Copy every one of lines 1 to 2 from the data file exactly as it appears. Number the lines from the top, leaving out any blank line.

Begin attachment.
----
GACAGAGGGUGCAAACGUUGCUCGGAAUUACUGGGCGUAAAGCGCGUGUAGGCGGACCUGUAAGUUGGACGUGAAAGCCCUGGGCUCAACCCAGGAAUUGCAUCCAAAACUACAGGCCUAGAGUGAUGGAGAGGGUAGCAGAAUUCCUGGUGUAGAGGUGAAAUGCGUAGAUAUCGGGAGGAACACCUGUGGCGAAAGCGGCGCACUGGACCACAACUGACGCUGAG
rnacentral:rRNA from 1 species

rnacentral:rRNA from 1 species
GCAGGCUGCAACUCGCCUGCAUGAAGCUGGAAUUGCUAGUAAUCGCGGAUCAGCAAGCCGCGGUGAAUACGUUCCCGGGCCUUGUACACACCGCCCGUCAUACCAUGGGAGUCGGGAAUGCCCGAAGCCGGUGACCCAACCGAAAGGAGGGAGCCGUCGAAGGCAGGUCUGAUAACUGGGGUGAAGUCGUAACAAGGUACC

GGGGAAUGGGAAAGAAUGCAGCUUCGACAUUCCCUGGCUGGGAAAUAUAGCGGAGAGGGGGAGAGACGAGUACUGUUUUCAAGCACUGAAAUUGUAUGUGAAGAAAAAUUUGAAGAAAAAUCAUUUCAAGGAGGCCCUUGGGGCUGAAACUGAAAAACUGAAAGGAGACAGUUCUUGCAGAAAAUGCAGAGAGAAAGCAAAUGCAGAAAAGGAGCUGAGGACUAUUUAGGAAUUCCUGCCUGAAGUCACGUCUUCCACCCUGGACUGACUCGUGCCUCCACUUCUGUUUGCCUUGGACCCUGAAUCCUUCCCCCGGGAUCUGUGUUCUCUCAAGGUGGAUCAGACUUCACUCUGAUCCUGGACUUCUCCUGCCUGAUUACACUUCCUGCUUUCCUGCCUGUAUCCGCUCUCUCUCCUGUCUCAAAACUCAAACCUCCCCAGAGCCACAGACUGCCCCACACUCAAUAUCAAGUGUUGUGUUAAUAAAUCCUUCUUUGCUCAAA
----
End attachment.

GACAGAGGGUGCAAACGUUGCUCGGAAUUACUGGGCGUAAAGCGCGUGUAGGCGGACCUGUAAGUUGGACGUGAAAGCCCUGGGCUCAACCCAGGAAUUGCAUCCAAAACUACAGGCCUAGAGUGAUGGAGAGGGUAGCAGAAUUCCUGGUGUAGAGGUGAAAUGCGUAGAUAUCGGGAGGAACACCUGUGGCGAAAGCGGCGCACUGGACCACAACUGACGCUGAG
rnacentral:rRNA from 1 species